4 June 2018 • HOP, Bas Belleman
Minister embraces internationalisation, but sees the downside of Anglicisation
Universities and universities of applied sciences should make the case for choosing English medium teaching more strongly, says Minister Van Engelshoven. That said, she still embraces Internationalisation.
The Minister of Education submitted her long awaited Vision on Internationalisation to the House of Representatives today. Universities and universities of applied sciences are happy with her letter, while student organisations are fiercely critical.
In her letter, Van Engelshoven is looking for balance. While she wants to stimulate internationalisation, she does not want to be blind to the downside. As she sums up, “I want to continue to facilitate internationalisation where it is appropriate and redress the balance where needed.” There are countless advantages to internationalisation, she says. The quality of education improves if students learn intercultural skills, and the economy is crying out for highly qualified employees.
But she sees the disadvantages too. There are concerns about the quality of English, the accessibility of degree programmes and the financial motive to accept as many foreign students as possible. The option of English language education must have added value, she believes. Otherwise degree programmes should not go down this path. “Simply translating a Dutch degree programme into English is not enough and has nothing to do with internationalisation.” One of her worries is that some degree programmes may have changed over too lightly.
Conscious language policy
Her solution is a conscious language policy. Staff and student councils should agree on the teaching medium from now on. The Inspectorate of Education will check whether academic institutions have solid ‘codes of conduct’ to check the option of English language education. Furthermore, the Accreditation Organisation of the Netherlands and Flanders (NVAO) will monitor the situation by monitoring the language level of the lecturers during the regular inspections, for example.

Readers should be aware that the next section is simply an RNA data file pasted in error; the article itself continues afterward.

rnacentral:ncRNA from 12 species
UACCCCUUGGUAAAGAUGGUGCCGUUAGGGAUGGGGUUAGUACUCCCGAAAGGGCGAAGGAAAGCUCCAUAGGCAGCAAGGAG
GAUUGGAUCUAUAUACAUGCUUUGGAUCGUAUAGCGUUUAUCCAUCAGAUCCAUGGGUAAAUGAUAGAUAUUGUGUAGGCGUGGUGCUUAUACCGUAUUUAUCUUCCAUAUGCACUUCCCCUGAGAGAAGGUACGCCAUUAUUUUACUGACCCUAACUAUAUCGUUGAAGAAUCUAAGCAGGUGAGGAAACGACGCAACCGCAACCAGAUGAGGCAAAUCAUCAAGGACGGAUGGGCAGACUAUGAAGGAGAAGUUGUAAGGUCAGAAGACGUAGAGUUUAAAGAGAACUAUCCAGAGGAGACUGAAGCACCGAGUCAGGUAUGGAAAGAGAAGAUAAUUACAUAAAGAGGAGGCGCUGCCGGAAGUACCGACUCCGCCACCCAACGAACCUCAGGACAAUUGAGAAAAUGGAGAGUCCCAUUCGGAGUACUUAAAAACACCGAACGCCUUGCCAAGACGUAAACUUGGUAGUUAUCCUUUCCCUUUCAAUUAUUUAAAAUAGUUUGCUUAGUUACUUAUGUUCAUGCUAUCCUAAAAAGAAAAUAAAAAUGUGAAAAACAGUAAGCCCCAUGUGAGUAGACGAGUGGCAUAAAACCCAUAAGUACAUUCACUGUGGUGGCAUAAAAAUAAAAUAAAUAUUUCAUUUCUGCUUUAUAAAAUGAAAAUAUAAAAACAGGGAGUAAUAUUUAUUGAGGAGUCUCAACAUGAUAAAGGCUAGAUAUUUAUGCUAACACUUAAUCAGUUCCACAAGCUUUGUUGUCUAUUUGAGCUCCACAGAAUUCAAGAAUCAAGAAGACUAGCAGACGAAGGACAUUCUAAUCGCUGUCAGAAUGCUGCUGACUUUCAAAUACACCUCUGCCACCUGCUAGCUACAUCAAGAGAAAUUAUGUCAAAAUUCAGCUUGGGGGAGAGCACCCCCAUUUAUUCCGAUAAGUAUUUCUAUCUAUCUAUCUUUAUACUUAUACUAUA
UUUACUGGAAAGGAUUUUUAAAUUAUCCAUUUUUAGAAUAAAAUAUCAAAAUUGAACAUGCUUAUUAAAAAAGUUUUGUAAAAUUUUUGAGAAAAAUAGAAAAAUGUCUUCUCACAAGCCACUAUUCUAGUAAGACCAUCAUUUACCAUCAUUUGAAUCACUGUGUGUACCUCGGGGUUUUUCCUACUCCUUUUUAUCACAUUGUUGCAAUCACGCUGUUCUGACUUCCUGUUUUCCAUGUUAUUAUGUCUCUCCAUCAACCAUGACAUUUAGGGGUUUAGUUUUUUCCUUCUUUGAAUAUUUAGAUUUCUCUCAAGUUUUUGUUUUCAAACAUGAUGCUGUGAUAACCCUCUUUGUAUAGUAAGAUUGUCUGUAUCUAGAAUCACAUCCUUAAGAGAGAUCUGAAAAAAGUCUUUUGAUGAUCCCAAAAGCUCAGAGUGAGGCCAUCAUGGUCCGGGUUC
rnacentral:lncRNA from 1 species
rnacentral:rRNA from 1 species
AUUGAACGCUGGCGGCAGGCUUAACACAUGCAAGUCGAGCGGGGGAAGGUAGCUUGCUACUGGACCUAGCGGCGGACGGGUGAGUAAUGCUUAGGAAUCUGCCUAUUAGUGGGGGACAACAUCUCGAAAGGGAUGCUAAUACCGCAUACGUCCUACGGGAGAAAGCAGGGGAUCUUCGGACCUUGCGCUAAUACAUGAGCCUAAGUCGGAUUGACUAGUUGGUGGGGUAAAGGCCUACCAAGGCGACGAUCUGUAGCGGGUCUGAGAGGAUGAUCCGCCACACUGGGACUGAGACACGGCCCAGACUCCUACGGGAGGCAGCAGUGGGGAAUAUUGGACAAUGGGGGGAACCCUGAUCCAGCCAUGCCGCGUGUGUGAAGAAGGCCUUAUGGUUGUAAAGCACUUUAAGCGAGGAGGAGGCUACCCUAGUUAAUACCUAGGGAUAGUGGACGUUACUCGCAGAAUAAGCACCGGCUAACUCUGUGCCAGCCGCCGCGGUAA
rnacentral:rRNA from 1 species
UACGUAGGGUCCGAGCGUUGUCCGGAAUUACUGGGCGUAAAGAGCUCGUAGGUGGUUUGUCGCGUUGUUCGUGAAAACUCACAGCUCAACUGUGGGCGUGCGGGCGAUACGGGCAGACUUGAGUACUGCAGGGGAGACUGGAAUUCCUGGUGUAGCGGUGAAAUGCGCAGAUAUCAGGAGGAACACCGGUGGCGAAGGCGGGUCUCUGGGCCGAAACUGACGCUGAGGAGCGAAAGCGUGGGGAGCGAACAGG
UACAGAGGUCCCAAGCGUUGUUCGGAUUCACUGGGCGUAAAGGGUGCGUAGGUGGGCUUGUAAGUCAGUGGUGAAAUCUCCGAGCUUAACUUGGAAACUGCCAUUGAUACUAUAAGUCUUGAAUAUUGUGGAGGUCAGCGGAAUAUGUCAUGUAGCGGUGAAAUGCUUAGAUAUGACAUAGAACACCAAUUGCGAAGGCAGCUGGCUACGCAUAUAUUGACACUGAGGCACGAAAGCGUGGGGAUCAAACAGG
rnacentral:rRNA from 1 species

In the meantime, two universities (Maastricht and Twente) are dealing with court cases brought by the Beter Onderwijs Nederland (BON, Better Education Netherlands) against their English language education. The Minister does not say it in so many words, but it looks like she is trying to take the wind out of BON’s sails. The law now says that in principle teaching should be in the Dutch language. But she does not necessarily want to enforce this as long as degree programmes make considered choices.
Further, Van Engelshoven wants to give more universities and universities of applied sciences more opportunities to manage the influx of foreign students – exactly what these institutions had asked for in their own ‘internationalisation agenda’. They may, for example, reject students from outside Europe if there are too many applicants, or set a limit on the number of students in the English language stream of a degree programme (to retain accessibility for Dutch students). She will work this all out more fully.
The student organisations ISO and LSVB are critical, mainly because the Minister has said little about the costs of internationalisation. “The Minister demands everything from the research universities and universities of applied sciences when it comes to internationalisation, but she isn’t investing one red cent in it,” opines ISO Chair Rhea van der Dong. “She will even cut the budgets further in the next few years. If she really thinks internationalisation is so important and wants to do good, she will have to fork out more money.”
“Minister van Engelshoven has stopped half way,” says chair of the LSVb, Tariq Sewbaransingh. “She says that she sees the downside of Anglicisation, but doesn’t dare deal with it. The problem is that Anglicisation is partly an earnings model. We want a market regulator to make sure that Anglicisation is done for the right reasons.”
Universities and universities of applied sciences should also receive more funding, for example to allow more Dutch students to study abroad. “The Cabinet could have shown more initiative here than only saying nice words,” says Thom de Graaf, chair of The Netherlands Association of Universities of Applied Sciences.
Nevertheless, the umbrella organisations are ‘fairly positive’, as The Netherlands Association of Universities of Applied Sciences puts it. After all, the Minister supports their thinking. Van Engelshoven is honouring many of their wishes by strongly encouraging internationalisation.